WUOMFM

cycling

car and bicyclist riding side by side in the road
Flicker user Richard Masoner / http://michrad.io/1LXrdJM

A Lima township man has been sentenced to probation and ordered to pay $3,000 in fines for striking and killing an Ann Arbor triathlete with his car. Terry Lee Lacroix pleaded guilty in March to a misdemeanor charge of a moving violation causing death.

Michigan State Police say the 70-year-old Lacroix was trying to pass another vehicle when he hit Karen McKeachie on Dexter-Chelsea road in Washtenaw County in August. McKeachie was a 17-time national champion in triathlon.

Flickr user sin9e/Flickr / http://j.mp/1SPGCl0

As more and more people turn to bicycles for transportation, fun and fitness, one might think it would be great to be able to bike between Detroit and Windsor. 

Once upon a time, that was possible. But no more.

Cyclists on social media write of being able to ride, even walk across the Ambassador Bridge from Detroit to Windsor and back.

But after Matty Maroun bought the Ambassador Bridge, the bike and pedestrian walkway was replaced by wider lanes to better handle 18-wheelers. 

A bike painted white in memory of a cyclist
Matthew Peoples / Creative Commons http://j.mp/1SPGCl0

A Michigan prosecutor has charged 50-year-old Charles Edward Pickett Jr. with five counts of second degree murder after a pickup truck crashed into a group of bicyclists and killed five people.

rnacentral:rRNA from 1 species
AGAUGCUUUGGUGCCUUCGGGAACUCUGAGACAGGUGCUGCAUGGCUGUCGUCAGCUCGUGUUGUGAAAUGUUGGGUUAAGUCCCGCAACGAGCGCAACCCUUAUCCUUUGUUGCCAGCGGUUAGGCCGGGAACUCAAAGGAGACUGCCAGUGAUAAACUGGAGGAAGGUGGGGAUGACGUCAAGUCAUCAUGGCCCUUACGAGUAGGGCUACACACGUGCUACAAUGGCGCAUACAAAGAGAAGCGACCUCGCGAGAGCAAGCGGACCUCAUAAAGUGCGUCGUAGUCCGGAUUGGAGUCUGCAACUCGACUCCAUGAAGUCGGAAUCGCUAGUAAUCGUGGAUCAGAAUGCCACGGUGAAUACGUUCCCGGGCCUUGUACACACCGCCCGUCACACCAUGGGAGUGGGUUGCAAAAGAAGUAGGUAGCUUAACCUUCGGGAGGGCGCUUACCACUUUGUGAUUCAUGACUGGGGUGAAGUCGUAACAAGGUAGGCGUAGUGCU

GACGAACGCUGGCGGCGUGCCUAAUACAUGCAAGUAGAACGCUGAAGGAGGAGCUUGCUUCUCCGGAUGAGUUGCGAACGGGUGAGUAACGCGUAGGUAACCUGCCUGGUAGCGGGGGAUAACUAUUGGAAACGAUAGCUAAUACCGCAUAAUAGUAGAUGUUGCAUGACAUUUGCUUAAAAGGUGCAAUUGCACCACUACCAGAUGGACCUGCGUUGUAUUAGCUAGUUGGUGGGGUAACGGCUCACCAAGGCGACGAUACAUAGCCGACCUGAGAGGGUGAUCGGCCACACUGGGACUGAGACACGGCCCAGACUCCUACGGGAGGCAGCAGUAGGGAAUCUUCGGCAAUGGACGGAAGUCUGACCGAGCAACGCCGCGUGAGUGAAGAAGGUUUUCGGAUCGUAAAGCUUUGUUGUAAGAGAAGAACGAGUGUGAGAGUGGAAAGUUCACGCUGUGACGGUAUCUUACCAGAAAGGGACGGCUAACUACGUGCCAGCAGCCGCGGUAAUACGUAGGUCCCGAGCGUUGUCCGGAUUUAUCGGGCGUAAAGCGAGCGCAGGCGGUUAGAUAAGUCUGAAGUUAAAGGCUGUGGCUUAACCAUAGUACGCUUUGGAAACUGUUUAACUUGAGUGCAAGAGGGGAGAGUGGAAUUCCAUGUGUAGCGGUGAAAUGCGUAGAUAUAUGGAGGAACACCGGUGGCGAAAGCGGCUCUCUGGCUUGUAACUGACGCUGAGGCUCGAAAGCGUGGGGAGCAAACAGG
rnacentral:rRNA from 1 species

Kalamazoo County Prosecutor Jeffrey Getting also charged him Thursday with four counts of reckless driving resulting in serious injury to four others near Kalamazoo.

The bicyclists were part of a group that called themselves "The Chain Gang," who ranged in age from 40 to 74.

A road sign says "Share the road."
Flicker user Richard Drdul / Flickr - http://j.mp/1SPGCl0

 

The biking community of Kalamazoo turned out last evening for a five mile silent ride, honoring the cyclists hit by an alleged drunk driver. Five people were killed and four were injured.

 

“The ride was part of what will be…a gradual healing process,” said Paul Selden, director of road safety for the Kalamazoo Bicycle Club.

Dustin Dwyer

Just before noon, a woman rode past with multicolored carnations pinned to her handlebars. She kneeled briefly at the site on N. Westnedge Ave. north of Kalamazoo where on Tuesday nine people were struck, five of them struck dead, four still recovering from injuries. The woman left her flowers and a note, then moved on without speaking.

Many came to the site to pay their respects Wednesday. Many struggled to find the words to describe what had happened here. But they came anyway. The tributes and memorials grew among the lush grass as the day wore on. 

Meg Zapalowski was one of a group of bicyclists who prepared "ghost bikes" -- stripped down cycles, painted white, one for each of those who died in Tuesday's tragedy. 

"The cycling community in Kalamazoo is not just a community, it's a family," she said. "And that's just how we roll."